We Can’t Normalize This

It happened again.  Another abnormal, recent-experience-defying, convention-busting, historical event.  And, yes, the media will cover it.  But not like they should.  Each time it happens, the coverage gets less intense.  Each time it happens, people get more used to it.  Each time it happens, we get more accustomed to things we shouldn’t.  They media is helping to make it routine, caring less each time, covering less each time.  There should be massive headlines every single time it happens.  Reporters should be dispatched to investigate every little detail.  Features should be done explaining the where, what, how, and why and it’s historical significance and abnormality.

It’s not just the media, though.  We’re all guilty of it.  We see a headline and shrug.  We shake our heads.  Maybe we even chuckle.  Maybe we don’t even read the article, or breeze over it so quickly that we don’t fully comprehend it–seeing the words, but not really reading them.  We tell our friends or significant others, “Guess what just happened and go into it,” but they’re nonplussed.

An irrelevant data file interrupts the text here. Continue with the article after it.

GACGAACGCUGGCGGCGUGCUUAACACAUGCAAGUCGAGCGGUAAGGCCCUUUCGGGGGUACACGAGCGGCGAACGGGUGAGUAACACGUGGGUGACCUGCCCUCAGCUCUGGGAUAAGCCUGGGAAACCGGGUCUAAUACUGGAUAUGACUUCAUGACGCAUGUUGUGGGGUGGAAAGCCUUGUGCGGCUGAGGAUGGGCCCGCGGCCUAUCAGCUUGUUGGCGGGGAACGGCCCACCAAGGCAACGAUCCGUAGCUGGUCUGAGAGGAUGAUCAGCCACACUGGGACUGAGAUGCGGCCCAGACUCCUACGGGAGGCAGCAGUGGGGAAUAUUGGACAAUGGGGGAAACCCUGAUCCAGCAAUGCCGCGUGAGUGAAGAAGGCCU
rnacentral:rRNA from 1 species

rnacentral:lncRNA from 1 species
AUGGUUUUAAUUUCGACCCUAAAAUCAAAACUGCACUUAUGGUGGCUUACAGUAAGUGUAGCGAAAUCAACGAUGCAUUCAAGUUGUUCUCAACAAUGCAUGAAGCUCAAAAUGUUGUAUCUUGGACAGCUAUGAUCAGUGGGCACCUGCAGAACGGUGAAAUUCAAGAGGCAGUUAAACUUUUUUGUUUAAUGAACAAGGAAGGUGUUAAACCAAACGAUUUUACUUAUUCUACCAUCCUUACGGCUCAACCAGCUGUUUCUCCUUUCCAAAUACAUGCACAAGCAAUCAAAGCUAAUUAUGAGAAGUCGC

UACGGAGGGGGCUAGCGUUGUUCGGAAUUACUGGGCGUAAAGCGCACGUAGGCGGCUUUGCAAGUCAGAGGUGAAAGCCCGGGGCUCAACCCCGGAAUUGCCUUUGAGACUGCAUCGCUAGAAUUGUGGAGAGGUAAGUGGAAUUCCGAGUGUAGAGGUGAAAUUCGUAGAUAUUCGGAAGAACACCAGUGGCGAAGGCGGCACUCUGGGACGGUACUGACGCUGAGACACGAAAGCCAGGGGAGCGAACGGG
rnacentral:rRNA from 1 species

We need to remain diligent and vigilant.  When extraordinary things happen we need to make sure people know.  We need to ensure, while still remaining calm and reasonable, that everyone understands how important each occurrence is.  We can’t let any single incident get lost in the shuffle of a 24-hour news cycle and social media’s nanosecond attention span.

We can’t normalize the abnormal and expect to be in a good place, a decent place.

Although it’s obvious, I’m referring to Russell Westbrook.

He tallied another triple double tonight.  It’s his sixth in a row and eleventh of the young NBA season.  The only people who have recorded more triple doubles in a row are Michael Jordan, Wilt Chamberlain, and Oscar Robertson, which is exalted company, to say the least.  To help put six straight triple doubles in perspective, Anfernee “Penny” Hardaway, 4-time NBA all-star and phenom known for being a triple threat, only had six career triple doubles.   Steph Curry, reigning 2-time NBA MVP and the only unanimous MVP, only has seven career triple doubles, one more than Westbrook’s streak, but four fewer than his season total.  Russ now has more triple doubles than LeBron James, the closest thing to the T-1000 basketball has seen, despite having played in 396 fewer games in his career.

It’s important that we don’t normalize this craziness.  We need to ensure that vital information is disseminated in a reasonable, rational way and that citizens are well informed of incredible, historical events.  If we don’t, can you imagine what could happen?

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